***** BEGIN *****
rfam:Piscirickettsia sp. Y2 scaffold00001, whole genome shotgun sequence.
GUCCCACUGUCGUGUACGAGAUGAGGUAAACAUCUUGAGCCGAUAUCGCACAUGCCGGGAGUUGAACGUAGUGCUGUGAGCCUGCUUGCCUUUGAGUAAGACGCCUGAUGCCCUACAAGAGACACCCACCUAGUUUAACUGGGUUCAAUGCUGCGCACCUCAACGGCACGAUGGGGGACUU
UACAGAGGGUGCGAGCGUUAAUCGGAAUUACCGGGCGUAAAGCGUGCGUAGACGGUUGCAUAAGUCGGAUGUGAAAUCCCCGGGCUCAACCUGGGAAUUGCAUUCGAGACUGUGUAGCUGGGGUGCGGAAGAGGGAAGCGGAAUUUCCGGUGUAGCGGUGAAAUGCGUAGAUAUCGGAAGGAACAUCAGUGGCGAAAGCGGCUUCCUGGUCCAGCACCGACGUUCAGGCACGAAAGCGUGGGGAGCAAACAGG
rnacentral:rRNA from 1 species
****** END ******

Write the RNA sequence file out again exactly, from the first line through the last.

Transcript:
rfam:Piscirickettsia sp. Y2 scaffold00001, whole genome shotgun sequence.
GUCCCACUGUCGUGUACGAGAUGAGGUAAACAUCUUGAGCCGAUAUCGCACAUGCCGGGAGUUGAACGUAGUGCUGUGAGCCUGCUUGCCUUUGAGUAAGACGCCUGAUGCCCUACAAGAGACACCCACCUAGUUUAACUGGGUUCAAUGCUGCGCACCUCAACGGCACGAUGGGGGACUU
UACAGAGGGUGCGAGCGUUAAUCGGAAUUACCGGGCGUAAAGCGUGCGUAGACGGUUGCAUAAGUCGGAUGUGAAAUCCCCGGGCUCAACCUGGGAAUUGCAUUCGAGACUGUGUAGCUGGGGUGCGGAAGAGGGAAGCGGAAUUUCCGGUGUAGCGGUGAAAUGCGUAGAUAUCGGAAGGAACAUCAGUGGCGAAAGCGGCUUCCUGGUCCAGCACCGACGUUCAGGCACGAAAGCGUGGGGAGCAAACAGG
rnacentral:rRNA from 1 species